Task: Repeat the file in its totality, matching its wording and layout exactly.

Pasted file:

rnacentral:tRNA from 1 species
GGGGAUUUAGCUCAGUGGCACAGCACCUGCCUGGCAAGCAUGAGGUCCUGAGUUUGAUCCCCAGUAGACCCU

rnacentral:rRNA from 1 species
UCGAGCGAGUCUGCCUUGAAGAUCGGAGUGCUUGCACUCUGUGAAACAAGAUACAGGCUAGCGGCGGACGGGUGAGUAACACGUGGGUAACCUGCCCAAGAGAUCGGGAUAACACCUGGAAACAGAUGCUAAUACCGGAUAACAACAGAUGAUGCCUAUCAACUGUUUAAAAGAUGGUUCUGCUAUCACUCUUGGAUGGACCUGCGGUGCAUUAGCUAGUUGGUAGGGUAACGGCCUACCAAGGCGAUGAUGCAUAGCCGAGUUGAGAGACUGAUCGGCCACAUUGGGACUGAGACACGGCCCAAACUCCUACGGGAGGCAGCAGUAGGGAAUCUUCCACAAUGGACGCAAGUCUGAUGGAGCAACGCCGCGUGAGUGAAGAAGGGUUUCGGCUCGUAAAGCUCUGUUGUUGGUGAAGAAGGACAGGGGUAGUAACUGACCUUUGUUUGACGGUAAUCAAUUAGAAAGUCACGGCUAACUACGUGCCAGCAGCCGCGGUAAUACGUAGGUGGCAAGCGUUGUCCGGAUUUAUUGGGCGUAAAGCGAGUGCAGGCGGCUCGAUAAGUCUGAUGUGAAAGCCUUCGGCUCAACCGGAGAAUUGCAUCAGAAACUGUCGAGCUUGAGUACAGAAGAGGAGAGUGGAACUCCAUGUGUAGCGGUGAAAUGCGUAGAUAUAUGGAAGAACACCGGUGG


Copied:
rnacentral:tRNA from 1 species
GGGGAUUUAGCUCAGUGGCACAGCACCUGCCUGGCAAGCAUGAGGUCCUGAGUUUGAUCCCCAGUAGACCCU

rnacentral:rRNA from 1 species
UCGAGCGAGUCUGCCUUGAAGAUCGGAGUGCUUGCACUCUGUGAAACAAGAUACAGGCUAGCGGCGGACGGGUGAGUAACACGUGGGUAACCUGCCCAAGAGAUCGGGAUAACACCUGGAAACAGAUGCUAAUACCGGAUAACAACAGAUGAUGCCUAUCAACUGUUUAAAAGAUGGUUCUGCUAUCACUCUUGGAUGGACCUGCGGUGCAUUAGCUAGUUGGUAGGGUAACGGCCUACCAAGGCGAUGAUGCAUAGCCGAGUUGAGAGACUGAUCGGCCACAUUGGGACUGAGACACGGCCCAAACUCCUACGGGAGGCAGCAGUAGGGAAUCUUCCACAAUGGACGCAAGUCUGAUGGAGCAACGCCGCGUGAGUGAAGAAGGGUUUCGGCUCGUAAAGCUCUGUUGUUGGUGAAGAAGGACAGGGGUAGUAACUGACCUUUGUUUGACGGUAAUCAAUUAGAAAGUCACGGCUAACUACGUGCCAGCAGCCGCGGUAAUACGUAGGUGGCAAGCGUUGUCCGGAUUUAUUGGGCGUAAAGCGAGUGCAGGCGGCUCGAUAAGUCUGAUGUGAAAGCCUUCGGCUCAACCGGAGAAUUGCAUCAGAAACUGUCGAGCUUGAGUACAGAAGAGGAGAGUGGAACUCCAUGUGUAGCGGUGAAAUGCGUAGAUAUAUGGAAGAACACCGGUGG